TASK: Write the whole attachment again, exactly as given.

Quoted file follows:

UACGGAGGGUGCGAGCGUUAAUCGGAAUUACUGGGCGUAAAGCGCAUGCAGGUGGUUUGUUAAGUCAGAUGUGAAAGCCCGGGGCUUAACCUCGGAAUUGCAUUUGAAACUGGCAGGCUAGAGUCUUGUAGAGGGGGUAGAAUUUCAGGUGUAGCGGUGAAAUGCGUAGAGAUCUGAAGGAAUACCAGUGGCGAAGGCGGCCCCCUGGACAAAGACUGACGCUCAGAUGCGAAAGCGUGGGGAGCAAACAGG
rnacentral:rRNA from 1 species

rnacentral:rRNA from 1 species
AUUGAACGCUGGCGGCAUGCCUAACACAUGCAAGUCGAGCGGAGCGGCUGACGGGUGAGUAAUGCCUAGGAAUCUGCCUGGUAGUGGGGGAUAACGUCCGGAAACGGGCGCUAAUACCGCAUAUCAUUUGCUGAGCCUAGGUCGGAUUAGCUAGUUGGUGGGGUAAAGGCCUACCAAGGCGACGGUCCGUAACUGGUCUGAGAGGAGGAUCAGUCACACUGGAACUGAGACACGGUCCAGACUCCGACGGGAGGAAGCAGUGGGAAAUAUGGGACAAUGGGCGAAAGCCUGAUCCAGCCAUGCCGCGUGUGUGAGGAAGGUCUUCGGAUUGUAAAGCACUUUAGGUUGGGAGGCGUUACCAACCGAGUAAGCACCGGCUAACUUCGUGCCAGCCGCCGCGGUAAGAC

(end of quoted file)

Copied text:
UACGGAGGGUGCGAGCGUUAAUCGGAAUUACUGGGCGUAAAGCGCAUGCAGGUGGUUUGUUAAGUCAGAUGUGAAAGCCCGGGGCUUAACCUCGGAAUUGCAUUUGAAACUGGCAGGCUAGAGUCUUGUAGAGGGGGUAGAAUUUCAGGUGUAGCGGUGAAAUGCGUAGAGAUCUGAAGGAAUACCAGUGGCGAAGGCGGCCCCCUGGACAAAGACUGACGCUCAGAUGCGAAAGCGUGGGGAGCAAACAGG
rnacentral:rRNA from 1 species

rnacentral:rRNA from 1 species
AUUGAACGCUGGCGGCAUGCCUAACACAUGCAAGUCGAGCGGAGCGGCUGACGGGUGAGUAAUGCCUAGGAAUCUGCCUGGUAGUGGGGGAUAACGUCCGGAAACGGGCGCUAAUACCGCAUAUCAUUUGCUGAGCCUAGGUCGGAUUAGCUAGUUGGUGGGGUAAAGGCCUACCAAGGCGACGGUCCGUAACUGGUCUGAGAGGAGGAUCAGUCACACUGGAACUGAGACACGGUCCAGACUCCGACGGGAGGAAGCAGUGGGAAAUAUGGGACAAUGGGCGAAAGCCUGAUCCAGCCAUGCCGCGUGUGUGAGGAAGGUCUUCGGAUUGUAAAGCACUUUAGGUUGGGAGGCGUUACCAACCGAGUAAGCACCGGCUAACUUCGUGCCAGCCGCCGCGGUAAGAC